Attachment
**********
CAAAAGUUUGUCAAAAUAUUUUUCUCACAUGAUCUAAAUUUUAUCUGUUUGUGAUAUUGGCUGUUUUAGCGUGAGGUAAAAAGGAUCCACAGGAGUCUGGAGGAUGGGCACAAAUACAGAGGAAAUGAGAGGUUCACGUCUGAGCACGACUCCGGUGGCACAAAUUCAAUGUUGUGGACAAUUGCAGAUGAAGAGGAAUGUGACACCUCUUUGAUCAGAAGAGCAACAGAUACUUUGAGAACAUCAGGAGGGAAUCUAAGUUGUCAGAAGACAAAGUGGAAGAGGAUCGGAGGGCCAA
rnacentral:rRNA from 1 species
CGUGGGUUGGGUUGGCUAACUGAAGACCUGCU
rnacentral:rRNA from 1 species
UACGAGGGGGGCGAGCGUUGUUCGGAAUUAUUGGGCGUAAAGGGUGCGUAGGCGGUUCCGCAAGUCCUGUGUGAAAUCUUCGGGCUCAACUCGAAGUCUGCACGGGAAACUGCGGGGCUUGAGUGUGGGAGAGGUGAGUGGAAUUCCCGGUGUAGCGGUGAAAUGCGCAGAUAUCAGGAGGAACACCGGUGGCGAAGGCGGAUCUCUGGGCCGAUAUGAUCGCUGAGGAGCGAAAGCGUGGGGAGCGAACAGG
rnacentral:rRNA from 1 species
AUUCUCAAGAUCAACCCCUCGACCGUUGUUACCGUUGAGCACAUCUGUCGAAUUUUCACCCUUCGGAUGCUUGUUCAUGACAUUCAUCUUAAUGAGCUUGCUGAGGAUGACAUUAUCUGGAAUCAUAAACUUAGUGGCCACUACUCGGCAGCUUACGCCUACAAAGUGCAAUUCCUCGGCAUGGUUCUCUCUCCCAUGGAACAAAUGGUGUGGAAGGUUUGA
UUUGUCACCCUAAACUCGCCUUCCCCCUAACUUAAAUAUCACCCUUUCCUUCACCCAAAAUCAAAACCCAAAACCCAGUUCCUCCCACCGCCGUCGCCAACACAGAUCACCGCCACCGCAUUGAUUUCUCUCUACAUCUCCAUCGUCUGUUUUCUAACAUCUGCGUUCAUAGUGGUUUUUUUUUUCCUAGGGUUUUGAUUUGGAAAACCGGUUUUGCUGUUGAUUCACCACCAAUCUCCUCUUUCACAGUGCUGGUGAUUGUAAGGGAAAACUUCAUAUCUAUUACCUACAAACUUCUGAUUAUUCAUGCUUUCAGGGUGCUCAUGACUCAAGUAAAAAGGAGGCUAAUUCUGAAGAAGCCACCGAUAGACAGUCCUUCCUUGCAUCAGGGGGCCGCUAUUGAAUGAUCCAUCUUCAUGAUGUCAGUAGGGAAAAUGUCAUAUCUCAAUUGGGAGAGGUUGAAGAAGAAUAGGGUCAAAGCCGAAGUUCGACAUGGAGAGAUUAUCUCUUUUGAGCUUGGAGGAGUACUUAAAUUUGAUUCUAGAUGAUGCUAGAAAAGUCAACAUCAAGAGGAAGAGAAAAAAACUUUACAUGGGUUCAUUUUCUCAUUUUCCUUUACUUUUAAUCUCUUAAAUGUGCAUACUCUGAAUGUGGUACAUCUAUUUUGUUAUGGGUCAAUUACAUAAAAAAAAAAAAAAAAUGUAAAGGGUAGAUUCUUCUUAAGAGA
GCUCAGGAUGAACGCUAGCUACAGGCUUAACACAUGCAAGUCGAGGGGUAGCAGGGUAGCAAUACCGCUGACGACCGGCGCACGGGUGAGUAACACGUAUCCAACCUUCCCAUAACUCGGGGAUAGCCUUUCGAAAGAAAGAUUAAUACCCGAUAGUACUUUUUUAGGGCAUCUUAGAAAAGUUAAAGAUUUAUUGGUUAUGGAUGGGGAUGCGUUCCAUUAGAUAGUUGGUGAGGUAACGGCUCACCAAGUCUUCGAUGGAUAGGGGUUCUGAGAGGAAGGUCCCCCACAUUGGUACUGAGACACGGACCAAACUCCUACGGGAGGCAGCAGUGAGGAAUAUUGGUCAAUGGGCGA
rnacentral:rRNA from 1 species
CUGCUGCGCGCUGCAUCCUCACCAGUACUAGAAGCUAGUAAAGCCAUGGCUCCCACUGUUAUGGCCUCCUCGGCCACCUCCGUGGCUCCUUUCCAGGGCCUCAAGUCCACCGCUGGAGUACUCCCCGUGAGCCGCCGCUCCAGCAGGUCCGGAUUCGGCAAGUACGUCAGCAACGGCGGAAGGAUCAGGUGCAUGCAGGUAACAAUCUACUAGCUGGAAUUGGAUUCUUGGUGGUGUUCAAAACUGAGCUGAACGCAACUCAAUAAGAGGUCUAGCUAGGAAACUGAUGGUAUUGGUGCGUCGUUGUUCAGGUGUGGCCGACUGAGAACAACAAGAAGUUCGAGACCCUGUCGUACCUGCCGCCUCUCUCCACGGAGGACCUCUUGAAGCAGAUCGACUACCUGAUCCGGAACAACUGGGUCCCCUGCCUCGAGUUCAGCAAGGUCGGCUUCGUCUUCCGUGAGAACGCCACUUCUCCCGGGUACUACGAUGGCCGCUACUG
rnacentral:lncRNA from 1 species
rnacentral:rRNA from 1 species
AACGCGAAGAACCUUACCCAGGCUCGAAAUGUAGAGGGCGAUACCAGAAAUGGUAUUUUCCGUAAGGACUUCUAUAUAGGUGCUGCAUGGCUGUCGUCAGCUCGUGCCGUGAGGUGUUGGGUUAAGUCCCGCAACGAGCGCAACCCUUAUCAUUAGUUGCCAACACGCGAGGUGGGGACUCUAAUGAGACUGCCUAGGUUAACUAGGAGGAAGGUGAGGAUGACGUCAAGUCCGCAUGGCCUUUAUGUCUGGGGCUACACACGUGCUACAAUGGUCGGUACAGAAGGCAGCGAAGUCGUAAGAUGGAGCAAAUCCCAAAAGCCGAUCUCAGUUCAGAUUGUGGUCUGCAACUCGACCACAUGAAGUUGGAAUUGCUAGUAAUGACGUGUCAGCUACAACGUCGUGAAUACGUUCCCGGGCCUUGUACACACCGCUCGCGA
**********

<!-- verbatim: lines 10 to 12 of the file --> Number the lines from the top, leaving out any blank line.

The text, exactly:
rnacentral:rRNA from 1 species
CUGCUGCGCGCUGCAUCCUCACCAGUACUAGAAGCUAGUAAAGCCAUGGCUCCCACUGUUAUGGCCUCCUCGGCCACCUCCGUGGCUCCUUUCCAGGGCCUCAAGUCCACCGCUGGAGUACUCCCCGUGAGCCGCCGCUCCAGCAGGUCCGGAUUCGGCAAGUACGUCAGCAACGGCGGAAGGAUCAGGUGCAUGCAGGUAACAAUCUACUAGCUGGAAUUGGAUUCUUGGUGGUGUUCAAAACUGAGCUGAACGCAACUCAAUAAGAGGUCUAGCUAGGAAACUGAUGGUAUUGGUGCGUCGUUGUUCAGGUGUGGCCGACUGAGAACAACAAGAAGUUCGAGACCCUGUCGUACCUGCCGCCUCUCUCCACGGAGGACCUCUUGAAGCAGAUCGACUACCUGAUCCGGAACAACUGGGUCCCCUGCCUCGAGUUCAGCAAGGUCGGCUUCGUCUUCCGUGAGAACGCCACUUCUCCCGGGUACUACGAUGGCCGCUACUG
rnacentral:lncRNA from 1 species